Italy seeks to calm fears over Syrian chemical weapons transfer

ROME Tue Jan 21, 2014 12:28pm EST

The Field Deployable Hydrolysis System used to destroy and neutralize chemical weapons is watched by U.S. Navy Commander Bill Speaks as it sits aboard the MV Cape Ray before its deployment from the NASSC0-Earl Shipyard in Portsmouth, Virginia, January 2, 2014. REUTERS/Larry Downing

The Field Deployable Hydrolysis System used to destroy and neutralize chemical weapons is watched by U.S. Navy Commander Bill Speaks as it sits aboard the MV Cape Ray before its deployment from the NASSC0-Earl Shipyard in Portsmouth, Virginia, January 2, 2014.

Credit: Reuters/Larry Downing

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ROME (Reuters) - The Italian government on Tuesday rejected what it called unjustified alarmism over plans to handle nerve agent components from Syria's chemical weapons arsenal at a port in the Calabria region.

The move, part of an international agreement to eradicate Syrian President Bashar al-Assad's stocks of chemical agents, has met stiff opposition from local politicians and protests by residents concerned about environmental and health risks.

Some of the most dangerous chemicals from Syria - including components for making Sarin and VX nerve agent, known as priority A chemicals - are due to be transferred at the port of Gioia Tauro in southern Italy next month from a Danish ship onto the U.S. vessel MV Cape Ray, which has been equipped to destroy them at sea.

The government said the port routinely handled thousands of tons of toxic chemicals every year and the operation would pose no additional safety threat.

Government ministers met mayors from nearby towns and port authorities on Tuesday to reassure them and said booklets of information would be distributed to local residents "to avoid any further unjustified alarmism".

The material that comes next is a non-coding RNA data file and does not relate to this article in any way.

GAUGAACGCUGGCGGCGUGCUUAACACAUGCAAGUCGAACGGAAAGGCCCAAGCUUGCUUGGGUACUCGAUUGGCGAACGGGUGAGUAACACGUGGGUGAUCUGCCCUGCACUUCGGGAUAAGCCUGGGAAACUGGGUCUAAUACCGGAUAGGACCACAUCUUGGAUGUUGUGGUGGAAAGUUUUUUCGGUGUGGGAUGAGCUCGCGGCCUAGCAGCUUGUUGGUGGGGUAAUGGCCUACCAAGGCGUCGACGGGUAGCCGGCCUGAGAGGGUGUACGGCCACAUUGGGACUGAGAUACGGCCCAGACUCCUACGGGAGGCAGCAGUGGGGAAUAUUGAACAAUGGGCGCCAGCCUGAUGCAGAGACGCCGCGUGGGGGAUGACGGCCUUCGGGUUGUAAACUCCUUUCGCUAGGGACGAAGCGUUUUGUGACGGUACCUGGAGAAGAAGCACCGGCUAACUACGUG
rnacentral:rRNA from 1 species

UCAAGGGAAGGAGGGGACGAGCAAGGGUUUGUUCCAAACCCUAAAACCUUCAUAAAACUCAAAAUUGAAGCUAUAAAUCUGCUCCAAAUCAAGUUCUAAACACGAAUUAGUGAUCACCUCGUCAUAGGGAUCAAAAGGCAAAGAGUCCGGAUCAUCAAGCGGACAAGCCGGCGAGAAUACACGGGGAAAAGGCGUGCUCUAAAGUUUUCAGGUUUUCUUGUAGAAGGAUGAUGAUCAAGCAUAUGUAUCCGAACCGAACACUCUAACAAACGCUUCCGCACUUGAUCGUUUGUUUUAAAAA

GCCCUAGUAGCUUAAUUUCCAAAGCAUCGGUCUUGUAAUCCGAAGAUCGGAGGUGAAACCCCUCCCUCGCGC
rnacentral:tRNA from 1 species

Italy said the level of toxicity of the materials to be transferred was 6.1, a category routinely processed by the port. It said 60 containers of Syrian weapons and materials weighing 560 tons would be transferred in an operation that would take between 10 and 24 hours.

In comparison, almost 30,000 tons of material of the same toxicity had been moved from ship to ship in Gioia Tauro in similar operations in 2013, the government said.

Syria has missed the December 31 deadline for transporting the most toxic substances to a port and has so far loaded only about 5 percent of the chemicals onto the Danish cargo ship, a senior western diplomat said last week.

But the Organization for the Prohibition of Chemical Weapons (OPCW), overseeing the operation, said it remained confident that a final deadline of 30 June 2014 for the destruction of Syria's entire arsenal of chemical weapons would be met.

The international agreement was reached after a Sarin gas attack on August 21 killed hundreds of people in the outskirts of Damascus, prompting the United States to threaten military action against Assad.

(Reporting by Naomi O'Leary; Editing by Janet Lawrence)

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